So, last time we discussed what the board does. Hopefully, you came away with a sense of why a strong board might be important to you. But many ask why they get to vote anyway. It seems odd to most that a board of directors would be elected, but this is a key principle of a Credit Union.
A credit union is known in many parts of the world as a financial co-operative. It is a company that offers financial products and services, but rather than a standard corporation, it is structured as a cooperative. A cooperative is jointly owned by all its members and generally only conducts business with its members.
The ownership is an important part of a credit union because it means each and every member is a shareholder in the company. A standard bank, for example, is publicly traded and has many shareholders around the world, few of whom actually buy its services. This divide between shareholders and customers often causes a conflict between being profitable and doing the best for their customers. In a credit union the customers and the shareholders are one and the same and the goals are aligned.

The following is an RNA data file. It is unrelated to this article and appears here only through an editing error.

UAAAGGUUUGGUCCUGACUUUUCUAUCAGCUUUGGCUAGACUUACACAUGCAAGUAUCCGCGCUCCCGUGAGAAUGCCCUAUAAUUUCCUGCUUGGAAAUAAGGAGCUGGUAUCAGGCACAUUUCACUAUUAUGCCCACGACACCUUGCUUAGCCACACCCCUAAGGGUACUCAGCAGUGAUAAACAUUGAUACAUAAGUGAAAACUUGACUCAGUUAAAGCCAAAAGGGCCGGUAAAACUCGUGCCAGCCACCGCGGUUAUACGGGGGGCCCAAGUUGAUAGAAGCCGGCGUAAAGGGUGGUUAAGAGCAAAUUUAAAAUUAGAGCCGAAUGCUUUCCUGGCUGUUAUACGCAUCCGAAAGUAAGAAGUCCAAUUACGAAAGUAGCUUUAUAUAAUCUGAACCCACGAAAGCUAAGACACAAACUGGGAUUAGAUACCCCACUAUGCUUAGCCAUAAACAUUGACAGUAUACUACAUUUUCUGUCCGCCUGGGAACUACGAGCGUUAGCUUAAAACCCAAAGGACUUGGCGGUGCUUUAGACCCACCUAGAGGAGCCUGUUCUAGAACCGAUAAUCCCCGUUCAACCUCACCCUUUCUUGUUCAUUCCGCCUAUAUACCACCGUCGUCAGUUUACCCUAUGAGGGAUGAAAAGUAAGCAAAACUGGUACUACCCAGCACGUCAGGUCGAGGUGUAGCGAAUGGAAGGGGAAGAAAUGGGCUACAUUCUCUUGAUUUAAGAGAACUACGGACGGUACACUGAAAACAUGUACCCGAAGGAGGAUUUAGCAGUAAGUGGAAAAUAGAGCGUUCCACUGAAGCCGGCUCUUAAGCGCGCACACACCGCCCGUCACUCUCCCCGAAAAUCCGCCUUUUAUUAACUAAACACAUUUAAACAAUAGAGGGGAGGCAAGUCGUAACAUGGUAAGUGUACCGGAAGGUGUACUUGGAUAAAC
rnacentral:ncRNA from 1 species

While ownership is one key principle of cooperatives, democratic control is another. What this means is that the shareholders, each and every customer, each get a vote to determine who sits on the Board of Directors. Governance of the credit union is representational, and as we mentioned last time, the board represents the members as they govern the organization.
So why do you get to vote? Because you own the credit union. Because we need your voice at the table. And because you need to pick the candidates you feel best represent what you want your credit union to do and how it should do it.
'Till next time, up up and away!
This article is part of a series. You can read the whole series at http://twentyfivetwenty.ca.